Chile has released a new version of Nautical Chart 8, covering its Southern waters, that has been denounced by Argentina as violating the 1984 Treaty of Peace and Friendship between the two countries.
Chile acknowledges that the extent of its continental shelf, projected outward from the Diego Ramírez Islands, is being asserted in preparation for a filing that it intends to make later this year with the Commission on the Limits of the Continental Shelf (CLCS).
Argentina charges that this assertion violates the Treaty on Peace and Friendship because it, crosses the 67o 16’ meridian, which is recognised in the Treaty as the boundary between the two countries’ maritime zones. The Argentine Foreign Ministry stated, “The measure attempted by Chile intends to appropriate a part of the Argentine continental shelf and a large area of the seabed and ocean.“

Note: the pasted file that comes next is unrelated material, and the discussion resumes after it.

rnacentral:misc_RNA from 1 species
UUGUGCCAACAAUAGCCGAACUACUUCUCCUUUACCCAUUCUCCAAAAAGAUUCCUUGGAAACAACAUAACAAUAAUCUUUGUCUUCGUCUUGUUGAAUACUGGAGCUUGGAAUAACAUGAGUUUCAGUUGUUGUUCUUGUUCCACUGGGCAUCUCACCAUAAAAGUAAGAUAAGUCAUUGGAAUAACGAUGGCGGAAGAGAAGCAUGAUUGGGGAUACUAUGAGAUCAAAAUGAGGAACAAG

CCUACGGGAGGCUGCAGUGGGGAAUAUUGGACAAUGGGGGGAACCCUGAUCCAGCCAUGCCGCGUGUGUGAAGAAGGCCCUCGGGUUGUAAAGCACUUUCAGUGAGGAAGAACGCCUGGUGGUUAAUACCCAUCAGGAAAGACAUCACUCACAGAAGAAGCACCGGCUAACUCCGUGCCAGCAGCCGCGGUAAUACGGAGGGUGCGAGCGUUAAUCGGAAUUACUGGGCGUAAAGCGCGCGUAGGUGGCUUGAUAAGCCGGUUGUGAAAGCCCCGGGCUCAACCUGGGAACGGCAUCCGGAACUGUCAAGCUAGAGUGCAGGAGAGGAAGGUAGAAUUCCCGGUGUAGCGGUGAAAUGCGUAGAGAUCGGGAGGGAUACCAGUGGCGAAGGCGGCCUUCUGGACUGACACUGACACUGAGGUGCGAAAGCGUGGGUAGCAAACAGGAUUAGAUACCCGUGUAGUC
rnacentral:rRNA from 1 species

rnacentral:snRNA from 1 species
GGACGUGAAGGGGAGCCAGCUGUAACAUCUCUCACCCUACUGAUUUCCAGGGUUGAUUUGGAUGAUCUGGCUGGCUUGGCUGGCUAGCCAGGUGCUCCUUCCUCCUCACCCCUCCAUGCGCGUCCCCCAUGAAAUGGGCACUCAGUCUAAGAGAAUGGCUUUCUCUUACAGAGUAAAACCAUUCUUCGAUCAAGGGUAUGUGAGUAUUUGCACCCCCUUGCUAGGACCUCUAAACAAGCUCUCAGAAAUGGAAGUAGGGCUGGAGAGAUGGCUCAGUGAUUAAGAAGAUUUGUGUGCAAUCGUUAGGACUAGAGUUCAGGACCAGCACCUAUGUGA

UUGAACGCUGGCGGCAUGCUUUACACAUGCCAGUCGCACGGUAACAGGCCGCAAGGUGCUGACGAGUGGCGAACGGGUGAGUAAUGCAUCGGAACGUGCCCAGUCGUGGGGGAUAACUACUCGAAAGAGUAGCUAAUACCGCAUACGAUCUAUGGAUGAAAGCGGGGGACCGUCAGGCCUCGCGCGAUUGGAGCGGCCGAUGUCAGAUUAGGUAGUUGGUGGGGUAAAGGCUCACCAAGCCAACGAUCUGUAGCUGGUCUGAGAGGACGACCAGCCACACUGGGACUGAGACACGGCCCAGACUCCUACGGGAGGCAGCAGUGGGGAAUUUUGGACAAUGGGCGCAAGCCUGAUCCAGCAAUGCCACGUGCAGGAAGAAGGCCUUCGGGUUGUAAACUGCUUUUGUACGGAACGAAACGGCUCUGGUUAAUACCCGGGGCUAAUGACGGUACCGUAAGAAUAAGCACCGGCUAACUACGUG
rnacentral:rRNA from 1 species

Chile asserts that its CLCS submission will be in accordance with the United Nations Convention on the Law of the Sea (UNCLOS), which calls for States to make unilateral submissions regarding the extent of their continental shelves. UNCLOS calls for overlapping shelves to be delimited only after the CLCS has made recommendations based on all States’ claims.
The CLCS made a recommendation based on Argentina’s submission, excluding an area around the disputed Islas Malvinas/Falkland Islands, in 2016.
Chile’s Nautical Chart 8, as annotated by Daniel Filmus of the Argentine Foreign Ministry
The green line shows the meridian agreed to in the 1984 Treaty was agreed. The red area shows portions of the continental shelf claimed by Chile that lie east of the meridian.